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‘Threads’ Computer Science Curriculum Debuts at Georgia Tech

‘Threads’ Computer Science Curriculum Debuts at Georgia Tech

The Georgia Institute of Technology’s College of Computing has launched a new undergraduate computer science curriculum that school officials believe will reshape the direction of computer science education. One of the goals of the new program, which started this fall semester, is to produce graduates whose skill sets will allow them to compete successfully in the global marketplace. Called “Threads,” the flexible computer science curriculum will help students become lifelong learners, thereby maintaining a competitive advantage in the global economy.

“An incoming student at the College of Computing may enter with the desire to start their own company designing and marketing household robots. Some may want to be a game designer. Others may want to focus on the theoretical and mathematical foundations of computing. With Threads, there are almost as many possibilities as there are students,” says Dr. Charles L. Isbell Jr., an assistant professor at the college and a co-creator of the program.

“Threads represents a tremendous departure from current thinking
about computer science education — historically, [it has been] a vertically oriented curriculum whose goal is the creation of students with a fixed set of skills and knowledge,” says Dr. Richard A. DeMillo, dean of the College of Computing. “Computer science as a discipline is an increasingly broad spectrum. Threads gives students the power to select where they want to be in this spectrum and to take ownership of their career trajectories.”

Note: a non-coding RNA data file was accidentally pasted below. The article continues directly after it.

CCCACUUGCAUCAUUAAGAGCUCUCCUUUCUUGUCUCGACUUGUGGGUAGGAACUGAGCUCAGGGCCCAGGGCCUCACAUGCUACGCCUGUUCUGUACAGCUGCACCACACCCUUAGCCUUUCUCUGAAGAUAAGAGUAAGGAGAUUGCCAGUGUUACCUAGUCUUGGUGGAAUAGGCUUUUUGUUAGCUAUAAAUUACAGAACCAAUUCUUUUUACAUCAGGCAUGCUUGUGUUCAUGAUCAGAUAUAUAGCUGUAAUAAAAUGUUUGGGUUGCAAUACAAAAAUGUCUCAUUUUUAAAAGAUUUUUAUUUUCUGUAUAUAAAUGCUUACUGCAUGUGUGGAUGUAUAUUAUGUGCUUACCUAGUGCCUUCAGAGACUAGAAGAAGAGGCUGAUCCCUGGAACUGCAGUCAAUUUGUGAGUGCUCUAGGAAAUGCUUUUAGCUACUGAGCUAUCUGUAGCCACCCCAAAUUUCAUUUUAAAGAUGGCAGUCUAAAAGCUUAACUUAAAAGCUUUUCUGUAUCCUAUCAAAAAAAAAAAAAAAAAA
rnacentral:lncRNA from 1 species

The curriculum includes eight sets ( or “threads”) of horizontally focused skill categories: Computational Modeling; Embodiment; Foundations; Information Internetworks; Intelligence; Media; People; and Platforms. Each of the threads fit within and outside of the computing discipline.

Any two threads can be combined, creating 28 possible variations that can be tailored to the individual student.

By granting undergraduates the possibility of exploring multiple computing trajectories, the  curriculum allows for risk-taking and continual learning for students, Georgia Tech officials say.

“An additional expectation of Threads is the attraction and retention of a broader range of students, including larger numbers of women and under-represented talent, into computing and computer science,” says Isbell, who was named an “Emerging Scholar” by Black Issues In Higher Education magazine in 2004.

This past spring, New York Times columnist Thomas L. Friedman, cited the significance of the Threads curriculum in an updated version of his best-selling book The World is Flat: A Brief History of the Twenty-First Century. Friedman wrote that the Georgia Tech model anticipates that “the world is increasingly going to be operating off the flat-world platform, with its tools for all kinds of horizontal collaboration.”

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